No mandatory COVID vaccinations for Arizona utility workers, regulator say
State-regulated Arizona utility workers can’t be fired for refusing to be vaccinated for COVID-19, under a policy adopted by the Arizona Corporation Commission.
The policy, which impacts Tucson Electric Power, prohibits the companies from developing, implementing, and enforcing mandatory COVID-19 vaccination policies as a condition of employment.
But the practical effect of the policy is unclear, as Biden administration vaccination mandates set to go into effect in January are still subject to numerous lawsuits to block them.
The policy, passed Dec. 15 along party lines by the commission’s Republican majority, is aimed at a federal mandate that employees of larger private companies must assure their employees are vaccinated against COVID-19 or submit to regular testing by Jan. 4, recently extended to Jan 10.
TEP and other state-regulated utilities say they have no plans of their own to mandate vaccination or testing, beyond the current workplace-safety protocols, but are closely monitoring the legal status of the mandate on employers of 100 or more workers.
The new policy was proposed by Republican Commissioners Justin Olson and Jim O’Connor, who were joined in voting for the measure by ACC Chairwoman Lea Marquez Peterson, while Democrats Sandra Kennedy and Anna Tovar voted against it.
Olson said the federal vaccine mandate is “100% unconstitutional” and the commission has clear authority to regulate the utilities’ workplaces.
“We have that obligation, to make sure the policies (the utilities) put in place, are not harmful to employees, that they are not creating a situation where an employee has to make a choice between receiving a vaccine against his or her will, and losing his or her job,” he said.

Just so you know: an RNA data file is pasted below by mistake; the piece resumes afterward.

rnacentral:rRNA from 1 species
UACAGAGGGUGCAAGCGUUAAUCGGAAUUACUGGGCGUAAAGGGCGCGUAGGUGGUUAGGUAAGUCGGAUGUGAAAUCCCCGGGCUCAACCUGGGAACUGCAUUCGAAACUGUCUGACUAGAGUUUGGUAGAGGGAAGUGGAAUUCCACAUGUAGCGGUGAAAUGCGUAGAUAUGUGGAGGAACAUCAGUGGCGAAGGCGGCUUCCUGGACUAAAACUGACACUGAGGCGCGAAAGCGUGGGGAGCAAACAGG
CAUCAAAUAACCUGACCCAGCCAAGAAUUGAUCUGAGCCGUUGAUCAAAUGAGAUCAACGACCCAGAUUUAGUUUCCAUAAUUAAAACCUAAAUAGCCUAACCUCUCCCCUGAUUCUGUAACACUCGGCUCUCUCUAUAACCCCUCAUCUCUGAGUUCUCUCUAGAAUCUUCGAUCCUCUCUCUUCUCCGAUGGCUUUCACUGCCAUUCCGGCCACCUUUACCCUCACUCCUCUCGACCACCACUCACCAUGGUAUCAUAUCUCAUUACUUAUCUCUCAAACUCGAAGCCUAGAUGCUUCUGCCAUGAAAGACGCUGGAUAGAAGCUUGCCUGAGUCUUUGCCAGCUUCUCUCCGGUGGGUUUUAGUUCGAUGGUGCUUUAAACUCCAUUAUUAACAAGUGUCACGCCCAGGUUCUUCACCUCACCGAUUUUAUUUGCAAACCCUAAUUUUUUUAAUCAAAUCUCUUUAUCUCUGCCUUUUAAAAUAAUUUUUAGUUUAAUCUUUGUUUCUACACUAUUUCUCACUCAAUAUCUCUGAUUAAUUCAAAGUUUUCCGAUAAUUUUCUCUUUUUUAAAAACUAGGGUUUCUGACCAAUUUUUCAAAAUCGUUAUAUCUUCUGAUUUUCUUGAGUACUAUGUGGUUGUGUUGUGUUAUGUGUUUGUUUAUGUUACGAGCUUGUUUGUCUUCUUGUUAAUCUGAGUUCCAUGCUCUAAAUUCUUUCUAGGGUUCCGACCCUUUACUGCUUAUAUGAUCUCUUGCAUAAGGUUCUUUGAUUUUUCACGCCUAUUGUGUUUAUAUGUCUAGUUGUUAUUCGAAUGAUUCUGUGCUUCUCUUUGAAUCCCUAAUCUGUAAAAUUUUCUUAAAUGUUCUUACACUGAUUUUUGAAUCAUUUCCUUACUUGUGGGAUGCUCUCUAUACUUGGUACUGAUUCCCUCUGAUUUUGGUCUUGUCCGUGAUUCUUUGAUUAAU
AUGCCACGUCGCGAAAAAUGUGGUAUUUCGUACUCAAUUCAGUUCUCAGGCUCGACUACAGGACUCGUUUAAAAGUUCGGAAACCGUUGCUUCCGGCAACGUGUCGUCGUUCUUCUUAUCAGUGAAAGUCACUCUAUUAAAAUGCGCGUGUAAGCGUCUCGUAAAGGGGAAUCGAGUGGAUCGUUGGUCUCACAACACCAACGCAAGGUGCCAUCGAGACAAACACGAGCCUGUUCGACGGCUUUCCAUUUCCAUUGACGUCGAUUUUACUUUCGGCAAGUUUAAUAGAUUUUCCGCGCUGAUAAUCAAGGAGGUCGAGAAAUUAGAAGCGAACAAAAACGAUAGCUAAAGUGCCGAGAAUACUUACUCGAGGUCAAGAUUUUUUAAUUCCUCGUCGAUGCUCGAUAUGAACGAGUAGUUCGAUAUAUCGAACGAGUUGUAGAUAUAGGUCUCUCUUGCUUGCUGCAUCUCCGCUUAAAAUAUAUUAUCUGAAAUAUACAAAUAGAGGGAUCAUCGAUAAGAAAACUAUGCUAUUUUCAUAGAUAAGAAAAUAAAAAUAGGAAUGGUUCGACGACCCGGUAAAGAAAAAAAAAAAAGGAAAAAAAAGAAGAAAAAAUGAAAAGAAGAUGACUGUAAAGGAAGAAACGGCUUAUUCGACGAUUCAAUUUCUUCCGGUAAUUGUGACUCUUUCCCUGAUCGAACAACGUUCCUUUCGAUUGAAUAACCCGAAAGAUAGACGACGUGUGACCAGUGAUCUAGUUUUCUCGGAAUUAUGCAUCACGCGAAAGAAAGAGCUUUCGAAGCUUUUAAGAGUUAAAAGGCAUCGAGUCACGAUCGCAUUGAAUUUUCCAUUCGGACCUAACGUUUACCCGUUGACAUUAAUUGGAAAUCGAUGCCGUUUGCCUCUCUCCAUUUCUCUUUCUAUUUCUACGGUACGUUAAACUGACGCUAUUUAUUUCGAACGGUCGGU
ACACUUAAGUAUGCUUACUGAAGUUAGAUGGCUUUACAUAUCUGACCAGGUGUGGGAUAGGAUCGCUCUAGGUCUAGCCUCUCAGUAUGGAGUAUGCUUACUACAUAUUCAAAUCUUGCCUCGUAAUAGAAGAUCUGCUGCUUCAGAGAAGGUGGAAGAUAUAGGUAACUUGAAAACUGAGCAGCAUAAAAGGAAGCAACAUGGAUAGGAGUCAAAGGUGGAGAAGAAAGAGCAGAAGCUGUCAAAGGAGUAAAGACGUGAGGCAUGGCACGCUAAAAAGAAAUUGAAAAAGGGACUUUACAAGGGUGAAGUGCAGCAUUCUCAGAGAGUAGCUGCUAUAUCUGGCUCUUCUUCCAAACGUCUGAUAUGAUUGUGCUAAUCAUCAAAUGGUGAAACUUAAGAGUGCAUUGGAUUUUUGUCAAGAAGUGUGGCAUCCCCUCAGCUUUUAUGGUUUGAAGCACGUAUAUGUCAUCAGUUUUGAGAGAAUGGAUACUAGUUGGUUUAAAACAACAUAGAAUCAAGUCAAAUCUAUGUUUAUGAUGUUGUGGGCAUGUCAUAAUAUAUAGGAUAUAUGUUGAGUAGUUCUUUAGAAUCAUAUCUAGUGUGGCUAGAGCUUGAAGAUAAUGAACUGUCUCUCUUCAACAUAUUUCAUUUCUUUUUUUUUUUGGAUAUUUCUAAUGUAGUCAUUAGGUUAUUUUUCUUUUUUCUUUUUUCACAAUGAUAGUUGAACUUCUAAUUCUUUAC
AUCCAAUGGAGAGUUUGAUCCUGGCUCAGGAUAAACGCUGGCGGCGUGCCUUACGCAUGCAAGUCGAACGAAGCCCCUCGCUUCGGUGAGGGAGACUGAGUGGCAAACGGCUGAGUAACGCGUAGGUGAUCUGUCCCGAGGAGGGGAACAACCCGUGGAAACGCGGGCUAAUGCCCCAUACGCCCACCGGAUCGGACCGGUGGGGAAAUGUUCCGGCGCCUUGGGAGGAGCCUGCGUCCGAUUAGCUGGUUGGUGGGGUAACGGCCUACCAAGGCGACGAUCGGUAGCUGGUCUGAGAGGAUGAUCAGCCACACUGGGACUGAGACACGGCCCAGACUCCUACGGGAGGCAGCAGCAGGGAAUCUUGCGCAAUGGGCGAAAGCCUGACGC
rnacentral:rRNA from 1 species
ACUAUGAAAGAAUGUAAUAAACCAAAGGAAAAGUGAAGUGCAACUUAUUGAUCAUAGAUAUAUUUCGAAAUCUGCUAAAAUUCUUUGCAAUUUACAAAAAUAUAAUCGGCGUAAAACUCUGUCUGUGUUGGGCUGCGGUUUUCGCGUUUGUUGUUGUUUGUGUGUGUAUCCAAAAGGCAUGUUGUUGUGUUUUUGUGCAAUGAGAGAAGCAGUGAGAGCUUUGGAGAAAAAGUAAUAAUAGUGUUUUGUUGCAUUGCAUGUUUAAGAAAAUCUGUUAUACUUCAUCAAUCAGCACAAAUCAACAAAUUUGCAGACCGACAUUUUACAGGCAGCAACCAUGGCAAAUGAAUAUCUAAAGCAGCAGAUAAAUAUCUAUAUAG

Kennedy said it was irresponsible for the commission to adopt the proposed policy without consulting health-care experts and while hospitals are being overwhelmed with resurgent COVID-19 cases and deaths.
“This pandemic isn’t partisan, but it’s been made a partisan issue,” said Kennedy, noting that she has lost seven family members to COVID-19. “It is my perspective that personal choice is absolutely to be respected, up until those choices hurt other people.”
Tovar, a former mayor, said she has always respected employees’ personal choices but the proposed policy was premature given the pending and expected legal challenges to the mandate.
That mandate on employers with 100 or more employees, part of a rule adopted by the Occupational Safety and Health administration, was scheduled to go into effect Jan. 4 after a federal appeals court on Dec. 17 struck down a stay on the rules imposed by a lower court.
OSHA said recently it does not plan to enforce the rule until Jan. 10, and employers will have until early February to set up alternative testing programs.
Erik Bakken, vice president of systems operations for TEP and sister rural utility UniSource Energy Services, told the commission the companies are doing everything they can to maintain flexibility amid the changing legal status of the vaccinate-or-test mandate.
Just over half of the employees surveyed recently at both TEP and UES said they were fully vaccinated, Bakken said. The survey allowed workers to opt out of declaring their status, the company said in a later statement. TEP and UES have a combined workforce of about 2,100.
“We understand that there are different perspectives on vaccinations out there, and we recognize and respect those different perspectives,” Bakken said. “If the mandates do survive the current legal challenges, we do intend to explore all opportunities to limit the potential negative impact on our employees and our operations.”
Phil Smithers, director of safety and health services for Arizona Public Service Co., also told the commissioners that APS has no plans to require vaccinations or testing of its employees but it is closely following the legal status of the federal mandates.
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